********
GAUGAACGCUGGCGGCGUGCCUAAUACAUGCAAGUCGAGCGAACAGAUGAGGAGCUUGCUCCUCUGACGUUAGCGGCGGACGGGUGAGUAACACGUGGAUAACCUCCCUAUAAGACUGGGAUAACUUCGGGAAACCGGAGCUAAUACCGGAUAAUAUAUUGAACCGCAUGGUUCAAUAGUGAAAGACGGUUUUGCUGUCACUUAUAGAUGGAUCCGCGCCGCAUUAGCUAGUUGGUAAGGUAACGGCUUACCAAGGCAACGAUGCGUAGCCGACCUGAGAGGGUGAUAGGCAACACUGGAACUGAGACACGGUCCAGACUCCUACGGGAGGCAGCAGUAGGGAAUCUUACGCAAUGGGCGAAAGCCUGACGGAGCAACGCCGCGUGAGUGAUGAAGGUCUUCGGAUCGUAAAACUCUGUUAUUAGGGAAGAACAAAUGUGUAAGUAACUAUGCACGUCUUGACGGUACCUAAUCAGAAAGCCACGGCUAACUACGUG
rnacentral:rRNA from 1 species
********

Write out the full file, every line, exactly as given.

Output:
GAUGAACGCUGGCGGCGUGCCUAAUACAUGCAAGUCGAGCGAACAGAUGAGGAGCUUGCUCCUCUGACGUUAGCGGCGGACGGGUGAGUAACACGUGGAUAACCUCCCUAUAAGACUGGGAUAACUUCGGGAAACCGGAGCUAAUACCGGAUAAUAUAUUGAACCGCAUGGUUCAAUAGUGAAAGACGGUUUUGCUGUCACUUAUAGAUGGAUCCGCGCCGCAUUAGCUAGUUGGUAAGGUAACGGCUUACCAAGGCAACGAUGCGUAGCCGACCUGAGAGGGUGAUAGGCAACACUGGAACUGAGACACGGUCCAGACUCCUACGGGAGGCAGCAGUAGGGAAUCUUACGCAAUGGGCGAAAGCCUGACGGAGCAACGCCGCGUGAGUGAUGAAGGUCUUCGGAUCGUAAAACUCUGUUAUUAGGGAAGAACAAAUGUGUAAGUAACUAUGCACGUCUUGACGGUACCUAAUCAGAAAGCCACGGCUAACUACGUG
rnacentral:rRNA from 1 species